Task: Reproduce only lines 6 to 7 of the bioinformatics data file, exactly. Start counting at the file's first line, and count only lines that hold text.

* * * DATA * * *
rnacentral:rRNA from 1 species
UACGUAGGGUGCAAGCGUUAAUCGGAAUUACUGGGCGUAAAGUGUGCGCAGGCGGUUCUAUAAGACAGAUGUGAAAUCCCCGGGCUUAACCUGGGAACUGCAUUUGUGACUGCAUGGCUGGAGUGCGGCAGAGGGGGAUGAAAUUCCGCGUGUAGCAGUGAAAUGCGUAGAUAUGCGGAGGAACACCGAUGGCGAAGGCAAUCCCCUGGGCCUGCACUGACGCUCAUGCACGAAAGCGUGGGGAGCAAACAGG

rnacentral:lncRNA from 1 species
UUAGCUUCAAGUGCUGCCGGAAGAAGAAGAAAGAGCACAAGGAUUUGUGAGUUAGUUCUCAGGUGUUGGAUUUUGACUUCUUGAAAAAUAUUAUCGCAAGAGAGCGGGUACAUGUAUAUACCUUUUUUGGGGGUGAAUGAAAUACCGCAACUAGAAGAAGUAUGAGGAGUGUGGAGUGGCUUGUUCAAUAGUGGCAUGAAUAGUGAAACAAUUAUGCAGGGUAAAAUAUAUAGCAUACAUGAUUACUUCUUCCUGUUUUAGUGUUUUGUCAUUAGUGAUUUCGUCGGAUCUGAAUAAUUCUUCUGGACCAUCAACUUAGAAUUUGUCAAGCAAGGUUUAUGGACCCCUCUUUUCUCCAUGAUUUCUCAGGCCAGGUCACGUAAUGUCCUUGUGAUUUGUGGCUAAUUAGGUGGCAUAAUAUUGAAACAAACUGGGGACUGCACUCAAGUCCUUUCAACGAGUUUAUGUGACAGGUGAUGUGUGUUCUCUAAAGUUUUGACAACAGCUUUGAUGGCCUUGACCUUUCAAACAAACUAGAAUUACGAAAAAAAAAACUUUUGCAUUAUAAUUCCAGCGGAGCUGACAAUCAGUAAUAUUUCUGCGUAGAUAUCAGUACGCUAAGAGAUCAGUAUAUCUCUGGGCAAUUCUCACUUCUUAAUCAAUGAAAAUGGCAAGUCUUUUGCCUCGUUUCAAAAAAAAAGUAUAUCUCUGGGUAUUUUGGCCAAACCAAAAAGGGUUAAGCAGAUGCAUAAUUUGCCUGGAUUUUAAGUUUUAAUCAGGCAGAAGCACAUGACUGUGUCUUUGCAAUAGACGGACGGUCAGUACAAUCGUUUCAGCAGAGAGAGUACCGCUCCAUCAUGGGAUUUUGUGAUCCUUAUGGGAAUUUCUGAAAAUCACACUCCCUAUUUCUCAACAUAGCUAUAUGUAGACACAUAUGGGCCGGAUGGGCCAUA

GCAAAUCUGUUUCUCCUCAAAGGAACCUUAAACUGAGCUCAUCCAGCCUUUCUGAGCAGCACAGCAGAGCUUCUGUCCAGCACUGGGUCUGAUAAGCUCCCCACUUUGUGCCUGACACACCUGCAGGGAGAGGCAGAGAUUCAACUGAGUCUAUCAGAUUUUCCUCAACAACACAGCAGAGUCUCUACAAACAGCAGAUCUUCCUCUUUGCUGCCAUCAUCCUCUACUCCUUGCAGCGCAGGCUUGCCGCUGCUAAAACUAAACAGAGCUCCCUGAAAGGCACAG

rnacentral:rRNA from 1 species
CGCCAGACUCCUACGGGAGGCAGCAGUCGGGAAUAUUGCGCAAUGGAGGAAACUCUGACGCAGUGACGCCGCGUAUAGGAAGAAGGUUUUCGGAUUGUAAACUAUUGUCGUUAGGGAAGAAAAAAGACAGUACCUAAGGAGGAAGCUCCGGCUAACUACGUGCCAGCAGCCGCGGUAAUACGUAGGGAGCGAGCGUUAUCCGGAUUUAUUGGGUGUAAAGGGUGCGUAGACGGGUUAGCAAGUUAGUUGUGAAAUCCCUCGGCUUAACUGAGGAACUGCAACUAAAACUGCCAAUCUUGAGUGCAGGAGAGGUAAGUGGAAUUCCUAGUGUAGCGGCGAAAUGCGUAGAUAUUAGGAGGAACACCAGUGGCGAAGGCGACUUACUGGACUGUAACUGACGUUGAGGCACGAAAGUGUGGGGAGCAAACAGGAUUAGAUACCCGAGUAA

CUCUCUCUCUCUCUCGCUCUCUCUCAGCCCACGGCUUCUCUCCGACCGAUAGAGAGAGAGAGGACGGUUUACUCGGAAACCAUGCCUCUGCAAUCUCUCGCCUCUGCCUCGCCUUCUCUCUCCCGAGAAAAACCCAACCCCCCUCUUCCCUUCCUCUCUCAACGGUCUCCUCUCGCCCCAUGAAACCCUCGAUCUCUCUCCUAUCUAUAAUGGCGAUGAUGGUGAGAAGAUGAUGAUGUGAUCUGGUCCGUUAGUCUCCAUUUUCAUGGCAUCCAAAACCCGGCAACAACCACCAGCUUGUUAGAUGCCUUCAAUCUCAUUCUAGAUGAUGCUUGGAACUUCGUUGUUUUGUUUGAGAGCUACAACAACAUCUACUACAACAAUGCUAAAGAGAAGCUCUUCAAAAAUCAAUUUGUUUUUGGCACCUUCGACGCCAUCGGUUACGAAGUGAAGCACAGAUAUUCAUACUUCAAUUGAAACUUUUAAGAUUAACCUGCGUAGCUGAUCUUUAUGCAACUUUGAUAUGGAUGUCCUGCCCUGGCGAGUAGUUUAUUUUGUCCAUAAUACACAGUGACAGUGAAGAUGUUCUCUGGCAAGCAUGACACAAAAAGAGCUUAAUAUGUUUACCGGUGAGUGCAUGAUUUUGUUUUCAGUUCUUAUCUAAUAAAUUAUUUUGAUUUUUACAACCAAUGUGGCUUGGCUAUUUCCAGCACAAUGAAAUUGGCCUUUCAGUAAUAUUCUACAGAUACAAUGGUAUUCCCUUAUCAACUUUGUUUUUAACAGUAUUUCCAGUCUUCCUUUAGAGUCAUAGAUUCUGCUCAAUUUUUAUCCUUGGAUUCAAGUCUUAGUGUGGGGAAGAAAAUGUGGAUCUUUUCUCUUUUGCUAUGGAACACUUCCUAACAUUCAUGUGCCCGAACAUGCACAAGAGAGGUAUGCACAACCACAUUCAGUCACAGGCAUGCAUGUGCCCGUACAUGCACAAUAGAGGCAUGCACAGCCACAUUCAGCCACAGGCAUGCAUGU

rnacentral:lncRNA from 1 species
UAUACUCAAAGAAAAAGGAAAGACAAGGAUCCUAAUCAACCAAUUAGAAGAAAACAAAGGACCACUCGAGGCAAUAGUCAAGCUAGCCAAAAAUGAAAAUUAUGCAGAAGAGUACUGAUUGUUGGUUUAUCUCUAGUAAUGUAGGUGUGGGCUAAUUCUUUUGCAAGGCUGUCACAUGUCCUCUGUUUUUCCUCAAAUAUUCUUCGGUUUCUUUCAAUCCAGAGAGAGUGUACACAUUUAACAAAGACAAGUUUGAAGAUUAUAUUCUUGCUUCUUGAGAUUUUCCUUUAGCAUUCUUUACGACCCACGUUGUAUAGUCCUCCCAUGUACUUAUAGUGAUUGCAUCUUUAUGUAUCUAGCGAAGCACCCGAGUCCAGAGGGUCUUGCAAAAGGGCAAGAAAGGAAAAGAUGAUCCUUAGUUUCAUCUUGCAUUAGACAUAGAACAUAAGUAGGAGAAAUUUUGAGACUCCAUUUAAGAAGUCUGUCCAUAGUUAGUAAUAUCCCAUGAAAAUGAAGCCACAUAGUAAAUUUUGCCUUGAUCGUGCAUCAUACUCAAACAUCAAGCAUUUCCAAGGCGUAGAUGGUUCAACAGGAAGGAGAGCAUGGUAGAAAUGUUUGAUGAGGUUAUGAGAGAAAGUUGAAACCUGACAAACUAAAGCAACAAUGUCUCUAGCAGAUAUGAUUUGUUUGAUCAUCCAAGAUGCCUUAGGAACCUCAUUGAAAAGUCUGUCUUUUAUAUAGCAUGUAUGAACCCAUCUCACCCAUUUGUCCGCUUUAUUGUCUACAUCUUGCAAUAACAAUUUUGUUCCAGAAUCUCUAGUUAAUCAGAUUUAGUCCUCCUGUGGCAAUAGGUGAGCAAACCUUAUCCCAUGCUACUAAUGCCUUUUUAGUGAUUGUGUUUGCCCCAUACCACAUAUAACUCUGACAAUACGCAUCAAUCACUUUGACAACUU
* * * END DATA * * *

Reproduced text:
rnacentral:rRNA from 1 species
CGCCAGACUCCUACGGGAGGCAGCAGUCGGGAAUAUUGCGCAAUGGAGGAAACUCUGACGCAGUGACGCCGCGUAUAGGAAGAAGGUUUUCGGAUUGUAAACUAUUGUCGUUAGGGAAGAAAAAAGACAGUACCUAAGGAGGAAGCUCCGGCUAACUACGUGCCAGCAGCCGCGGUAAUACGUAGGGAGCGAGCGUUAUCCGGAUUUAUUGGGUGUAAAGGGUGCGUAGACGGGUUAGCAAGUUAGUUGUGAAAUCCCUCGGCUUAACUGAGGAACUGCAACUAAAACUGCCAAUCUUGAGUGCAGGAGAGGUAAGUGGAAUUCCUAGUGUAGCGGCGAAAUGCGUAGAUAUUAGGAGGAACACCAGUGGCGAAGGCGACUUACUGGACUGUAACUGACGUUGAGGCACGAAAGUGUGGGGAGCAAACAGGAUUAGAUACCCGAGUAA